Abstract 14008: Individualized Risk Communication and Lay Outreach for the Primary Prevention of Cardiovascular Disease in Community Health Centers: a Randomized Controlled Trial
Introduction: Many primary cardiovascular disease (CVD) prevention candidates are not treated with statins. We conducted a pragmatic randomized controlled trial at three federally qualified health center networks in 2 states to evaluate a population health management intervention.
Methods: Patients identified using electronic health records (EHR) were randomized to immediate or 1-year delayed outreach with a waiver of consent. Men ≥35 and women ≥45 years old with 10-year hard coronary Framingham Risk Score (FRS) of ≥10%, LDL-C ≥ 100 mg/dl, no prescribed statin and no diagnosed CVD or diabetes were included. The intervention was a mailing with patients’ individualized risk and phone outreach by non-clinician care managers who encouraged patients to schedule a CVD prevention visit. This was repeated if no visit occurred in 3 months. The primary outcome was a cholesterol treatment discussion with a clinician within 6 months by blinded chart review. Secondary outcomes were statin prescribing, and LDL-C (or non-HDL-C) reduction of at least 30 mg/dl at 1 year.
Results: 646 patients were included. The mean age was 60.5 years, 88% were male, and 55% were current smokers. Mean FRS was 15%, total cholesterol 212 mg/dl, LDL cholesterol 133 mg/dl. At 6 months, 26.5% of intervention and 10.4% of control patients had discussed cholesterol treatment with a primary care provider (RR 3.1, 95% CI 2.0-4.8), and statin prescribing was higher (10.1% vs. 5.0%, RR 2.1, CI 1.1-3.9). Cholesterol outcomes did not differ but few patients repeated lipid levels after a new prescription.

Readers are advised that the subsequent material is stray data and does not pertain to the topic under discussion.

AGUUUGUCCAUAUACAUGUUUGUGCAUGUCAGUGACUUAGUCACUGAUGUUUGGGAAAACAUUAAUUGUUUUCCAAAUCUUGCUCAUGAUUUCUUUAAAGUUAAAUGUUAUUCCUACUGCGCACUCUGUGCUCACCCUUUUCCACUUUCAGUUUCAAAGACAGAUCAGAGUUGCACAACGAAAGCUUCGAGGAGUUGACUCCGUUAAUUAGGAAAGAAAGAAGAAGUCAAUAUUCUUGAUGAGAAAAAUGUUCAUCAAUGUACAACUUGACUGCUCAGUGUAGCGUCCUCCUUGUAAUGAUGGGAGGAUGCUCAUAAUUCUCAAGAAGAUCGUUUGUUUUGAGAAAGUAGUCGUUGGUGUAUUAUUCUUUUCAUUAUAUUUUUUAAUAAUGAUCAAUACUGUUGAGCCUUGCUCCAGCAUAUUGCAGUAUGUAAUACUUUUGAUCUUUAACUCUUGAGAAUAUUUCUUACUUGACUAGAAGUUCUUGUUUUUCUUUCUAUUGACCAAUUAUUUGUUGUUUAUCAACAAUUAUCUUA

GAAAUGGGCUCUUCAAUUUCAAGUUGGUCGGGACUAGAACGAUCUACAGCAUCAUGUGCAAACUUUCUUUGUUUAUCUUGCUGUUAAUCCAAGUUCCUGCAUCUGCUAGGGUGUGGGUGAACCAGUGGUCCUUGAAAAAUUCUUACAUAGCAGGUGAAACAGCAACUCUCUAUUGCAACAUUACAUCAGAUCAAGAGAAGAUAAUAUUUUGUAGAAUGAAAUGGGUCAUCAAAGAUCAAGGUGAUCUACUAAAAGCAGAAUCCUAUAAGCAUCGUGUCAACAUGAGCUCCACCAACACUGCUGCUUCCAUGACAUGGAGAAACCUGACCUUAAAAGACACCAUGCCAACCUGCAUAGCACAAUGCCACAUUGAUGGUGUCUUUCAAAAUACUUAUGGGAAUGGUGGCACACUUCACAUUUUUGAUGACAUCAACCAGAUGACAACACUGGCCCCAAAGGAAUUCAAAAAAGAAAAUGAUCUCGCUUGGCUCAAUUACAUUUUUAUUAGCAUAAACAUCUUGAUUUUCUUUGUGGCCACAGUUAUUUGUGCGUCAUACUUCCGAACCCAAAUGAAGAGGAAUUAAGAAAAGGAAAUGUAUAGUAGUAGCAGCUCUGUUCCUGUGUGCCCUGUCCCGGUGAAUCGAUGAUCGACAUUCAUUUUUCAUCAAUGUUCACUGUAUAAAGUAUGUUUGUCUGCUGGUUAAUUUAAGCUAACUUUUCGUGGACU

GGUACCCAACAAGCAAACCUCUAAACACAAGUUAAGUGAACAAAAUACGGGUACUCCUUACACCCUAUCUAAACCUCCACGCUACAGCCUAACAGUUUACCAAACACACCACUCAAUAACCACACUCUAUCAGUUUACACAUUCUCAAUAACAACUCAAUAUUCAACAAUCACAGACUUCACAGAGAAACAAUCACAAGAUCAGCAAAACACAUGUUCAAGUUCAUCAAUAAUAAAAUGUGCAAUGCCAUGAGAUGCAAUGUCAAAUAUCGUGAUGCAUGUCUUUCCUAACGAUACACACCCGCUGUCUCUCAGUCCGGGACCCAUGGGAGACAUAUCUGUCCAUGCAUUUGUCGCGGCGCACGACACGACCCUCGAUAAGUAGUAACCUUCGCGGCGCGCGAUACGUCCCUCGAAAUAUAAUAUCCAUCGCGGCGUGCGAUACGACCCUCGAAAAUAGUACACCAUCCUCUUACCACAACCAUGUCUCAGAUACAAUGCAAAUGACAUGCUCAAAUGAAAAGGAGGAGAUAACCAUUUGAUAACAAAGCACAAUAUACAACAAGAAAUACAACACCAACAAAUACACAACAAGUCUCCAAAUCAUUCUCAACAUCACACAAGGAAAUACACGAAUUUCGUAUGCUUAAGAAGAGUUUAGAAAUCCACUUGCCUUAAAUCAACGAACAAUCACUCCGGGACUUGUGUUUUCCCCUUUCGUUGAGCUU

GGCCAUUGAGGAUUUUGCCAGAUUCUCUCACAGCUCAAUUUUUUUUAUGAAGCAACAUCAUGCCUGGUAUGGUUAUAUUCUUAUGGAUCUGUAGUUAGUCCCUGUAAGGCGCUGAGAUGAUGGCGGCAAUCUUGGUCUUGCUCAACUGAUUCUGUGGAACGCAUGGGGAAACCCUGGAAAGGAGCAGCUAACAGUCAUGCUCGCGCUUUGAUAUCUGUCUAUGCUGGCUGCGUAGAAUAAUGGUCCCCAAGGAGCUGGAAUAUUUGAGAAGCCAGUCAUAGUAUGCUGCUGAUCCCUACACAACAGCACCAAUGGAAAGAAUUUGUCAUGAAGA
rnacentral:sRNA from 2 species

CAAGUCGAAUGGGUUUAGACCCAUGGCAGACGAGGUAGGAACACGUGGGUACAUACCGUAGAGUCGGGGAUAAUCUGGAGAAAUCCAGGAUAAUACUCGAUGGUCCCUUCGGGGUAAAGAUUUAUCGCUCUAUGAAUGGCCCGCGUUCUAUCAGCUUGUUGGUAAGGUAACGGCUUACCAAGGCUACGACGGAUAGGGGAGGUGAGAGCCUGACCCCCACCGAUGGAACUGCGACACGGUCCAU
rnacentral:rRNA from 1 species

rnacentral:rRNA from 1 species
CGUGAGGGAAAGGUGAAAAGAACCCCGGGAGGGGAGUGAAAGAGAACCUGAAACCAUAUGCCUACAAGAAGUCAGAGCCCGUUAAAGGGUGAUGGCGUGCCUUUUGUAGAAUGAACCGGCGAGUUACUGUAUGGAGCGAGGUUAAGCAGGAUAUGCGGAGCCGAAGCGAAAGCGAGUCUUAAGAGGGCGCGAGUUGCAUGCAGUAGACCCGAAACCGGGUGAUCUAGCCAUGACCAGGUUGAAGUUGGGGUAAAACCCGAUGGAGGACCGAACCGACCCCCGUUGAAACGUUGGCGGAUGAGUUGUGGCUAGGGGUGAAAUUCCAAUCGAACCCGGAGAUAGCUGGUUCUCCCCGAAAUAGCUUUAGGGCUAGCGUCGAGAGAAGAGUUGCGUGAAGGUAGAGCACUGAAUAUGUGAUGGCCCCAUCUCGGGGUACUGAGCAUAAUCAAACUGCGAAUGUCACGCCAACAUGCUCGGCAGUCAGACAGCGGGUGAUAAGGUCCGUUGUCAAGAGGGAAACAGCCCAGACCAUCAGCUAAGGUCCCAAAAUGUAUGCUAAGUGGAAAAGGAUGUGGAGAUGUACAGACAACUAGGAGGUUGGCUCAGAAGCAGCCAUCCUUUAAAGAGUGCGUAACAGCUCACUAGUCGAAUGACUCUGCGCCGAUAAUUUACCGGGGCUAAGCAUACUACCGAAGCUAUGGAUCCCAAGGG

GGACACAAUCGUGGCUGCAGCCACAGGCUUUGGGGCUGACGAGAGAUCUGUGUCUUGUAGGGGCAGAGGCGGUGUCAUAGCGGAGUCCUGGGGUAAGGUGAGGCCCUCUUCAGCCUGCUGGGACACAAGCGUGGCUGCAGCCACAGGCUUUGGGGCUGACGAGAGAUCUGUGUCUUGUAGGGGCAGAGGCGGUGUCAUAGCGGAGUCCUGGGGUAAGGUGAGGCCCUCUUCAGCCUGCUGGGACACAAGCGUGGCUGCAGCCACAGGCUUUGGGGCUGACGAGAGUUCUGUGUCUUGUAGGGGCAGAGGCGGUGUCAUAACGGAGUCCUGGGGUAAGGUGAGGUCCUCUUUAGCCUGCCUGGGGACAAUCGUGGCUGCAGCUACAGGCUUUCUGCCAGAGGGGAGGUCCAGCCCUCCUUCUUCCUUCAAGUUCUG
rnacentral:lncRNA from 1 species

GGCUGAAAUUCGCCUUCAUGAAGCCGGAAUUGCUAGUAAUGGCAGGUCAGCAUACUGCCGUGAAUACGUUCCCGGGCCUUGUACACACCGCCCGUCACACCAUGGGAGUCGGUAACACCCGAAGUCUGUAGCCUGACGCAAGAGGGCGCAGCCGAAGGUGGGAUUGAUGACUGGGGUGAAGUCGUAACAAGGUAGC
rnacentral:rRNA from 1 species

Conclusions: In conclusion, risk communication and lay outreach to primary prevention candidates increased cholesterol treatment discussions, but the majority of discussions did not result in statin prescribing. Physician reluctance to prescribe, patient reluctance to take medication, or too great an emphasis on cholesterol levels rather than risk are potential explanations for these findings.
Author Disclosures: S.D. Persell: Employment; Significant; Northwestern Memorial Health Care, Northwestern University. Research Grant; Significant; NIH, AHRQ, Pfizer, HRSA. Consultant/Advisory Board; Significant; American Board of Internal Medicine. S. Shah: None. T. Brown: None. J. Lee: None. T. Sanchez: None. R.G. Knight: None. E. Kaleba: None. M. Jean-Jacques: None. N.R. Kandula: None. E. Henley: None. T. Long: None. S. Luther: None.
- © 2014 by American Heart Association, Inc.